It’s obvious to every growth investor that customer data has enormous value but most balance sheets ignore that value. Data is not even recorded as an intangible asset. Yet market transactions tell us that that data clearly is an asset and has value.
The Global X report cites two recent examples: Microsoft bought LinkedIn for $26.2 billion in 2016, the company’s largest acquisition ever. At the time, LinkedIn had 433 million users, 106 million of which were monthly active users (MAUs).8 Some quick math reveals that Microsoft valued each user at $61, or each MAU at $247. Today, LinkedIn’s current user base is much higher at 706 million globally, which would put the company’s value at about $43 billion, holding all else equal.9
“Along the same lines of historical social media transactions, Facebook’s acquisition of Instagram in 2012 valued each MAU at $20.10 TikTok’s US operations recent estimated valuation of $60 billion values each of their 100 million MAUs in the US at $600.”
That value placed on data varies over time of course as evidenced y Facebook. Looking at the firms historical value based on market capitalization, “the market has priced each user between $150 and $420 since Facebook’s public debut. When Facebook IPO’ed in 2012, its value per MAU was $265, almost the same level as its $272/MAU valuation in Q3 2020. Despite these fluctuations, Facebook has steadily improved its monetization of each user. Average quarterly revenue per user was just $1.30 in Q2 2012. In Q3 2020, it was $7.89.”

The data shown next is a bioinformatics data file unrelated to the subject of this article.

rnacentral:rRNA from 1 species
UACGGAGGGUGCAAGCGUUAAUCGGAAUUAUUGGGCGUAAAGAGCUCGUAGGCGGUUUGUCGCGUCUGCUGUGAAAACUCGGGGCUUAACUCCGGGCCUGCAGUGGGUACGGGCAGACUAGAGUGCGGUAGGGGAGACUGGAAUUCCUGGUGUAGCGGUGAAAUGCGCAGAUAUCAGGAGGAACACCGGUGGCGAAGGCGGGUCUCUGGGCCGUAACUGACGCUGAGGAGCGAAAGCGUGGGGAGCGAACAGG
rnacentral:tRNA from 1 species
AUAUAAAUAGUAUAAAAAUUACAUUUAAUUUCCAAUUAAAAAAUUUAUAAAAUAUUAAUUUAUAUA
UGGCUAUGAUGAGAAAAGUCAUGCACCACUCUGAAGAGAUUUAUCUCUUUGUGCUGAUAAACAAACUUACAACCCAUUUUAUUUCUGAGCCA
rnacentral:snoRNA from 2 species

But data also has a cost, which is absolutely captured by P&Ls.
- Cost of storing data in the cloud = $0.02/GB per month or $0.24/GB per year13
- Average minutes browsing on Netflix = 7.4 minutes/day14
- The average amount of data created per minute of browsing = 102MB/minute15
We can see these numbers at work in Netflix: the Global X report estimates that “the net present value of the firm’s user data from this cost-based approach to be $12.4 billion.16 In other words, the cost-based approach implies that Netflix’s user data is worth 6% of Netflix’s market cap.”
Data does take corporeal, financial shape in cash flow statements. Take Equifax. The company has 105 million active records in its database, generating $3.9 billion in annual revenue and $1.3 billion in annual EBITDA.18, 19 Those figures translate to $37 in annual revenue per record. Or Twitter where companies can pay to access Twitter’s historical and real-time data stemming from over 500 million daily tweets. They license this data to generate insights for product launches, identify consumer trends, or even inform investing activities. Over the last five years, Twitter’s data licensing revenue has grown from $56 million in Q3 2015 to $128 million in Q3 2020.
Two Trading List updates
Next week I’ll update readers on progress in my Alternative Funds trading list. Today just two updates.